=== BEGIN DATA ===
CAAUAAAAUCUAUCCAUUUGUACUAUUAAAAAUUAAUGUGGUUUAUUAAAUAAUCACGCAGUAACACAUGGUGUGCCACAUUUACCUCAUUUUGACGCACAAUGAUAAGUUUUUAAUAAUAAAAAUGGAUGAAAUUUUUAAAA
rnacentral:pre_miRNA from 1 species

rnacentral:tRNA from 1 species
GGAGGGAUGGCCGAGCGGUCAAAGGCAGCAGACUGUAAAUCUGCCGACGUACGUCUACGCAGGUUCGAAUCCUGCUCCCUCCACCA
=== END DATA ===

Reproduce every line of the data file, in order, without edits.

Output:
CAAUAAAAUCUAUCCAUUUGUACUAUUAAAAAUUAAUGUGGUUUAUUAAAUAAUCACGCAGUAACACAUGGUGUGCCACAUUUACCUCAUUUUGACGCACAAUGAUAAGUUUUUAAUAAUAAAAAUGGAUGAAAUUUUUAAAA
rnacentral:pre_miRNA from 1 species

rnacentral:tRNA from 1 species
GGAGGGAUGGCCGAGCGGUCAAAGGCAGCAGACUGUAAAUCUGCCGACGUACGUCUACGCAGGUUCGAAUCCUGCUCCCUCCACCA